American Dream Inversion

Nina Yoshida Nelsen and Hae Ji Chang in the world premiere of An American Dream. © Philip Newton c/o Seattle Opera

Seattle Opera is one of Seattle’s biggest, most “establishment” arts organizations, but they are appropriately progressive to our left-coast city, relative to other major opera companies around the country. American Dream is the perfect example. I’m a little late in talking about American Dream, since I attended the very last performance. I think it’s still worth talking about it, even though the performances are over, because it completely inverts the typical opera experience. Continue reading

Advertisements

Madama Butterfly at Seattle Opera

Sharpless (Weston Hurt) shocked by Pinkerton’s appalling behavior. Philip Newton photo c/o Seattle Opera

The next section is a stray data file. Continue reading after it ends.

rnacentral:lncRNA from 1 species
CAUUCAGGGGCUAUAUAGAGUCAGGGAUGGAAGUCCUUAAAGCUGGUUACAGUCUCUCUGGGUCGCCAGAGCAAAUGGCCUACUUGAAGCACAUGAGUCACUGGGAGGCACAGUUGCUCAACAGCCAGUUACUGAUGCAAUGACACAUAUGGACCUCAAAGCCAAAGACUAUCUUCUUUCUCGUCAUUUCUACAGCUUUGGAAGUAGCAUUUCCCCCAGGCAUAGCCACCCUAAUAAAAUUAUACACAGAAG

At Seattle Opera’s panel on race and representation in Madame Butterfly, one of the younger speakers asked why anyone would even bother trying to redeem such an opera. The obvious answer was, “The music!” but a part of me felt a little guilty for perpetuating one of those “classics” that should be allowed to die as its cultural relevance fades and its artistic merit is proven less significant than its novelty. I felt even more guilty that by taking my 13-year-old Asian daughter to see it, I could be inflicting harmful stereotypes on the very person they could most affect. I think those were legitimate fears, and could have been valid if Seattle Opera had presented Madame Butterfly without comment. But in the context of the local discussion they have started – wow! What an opera! Continue reading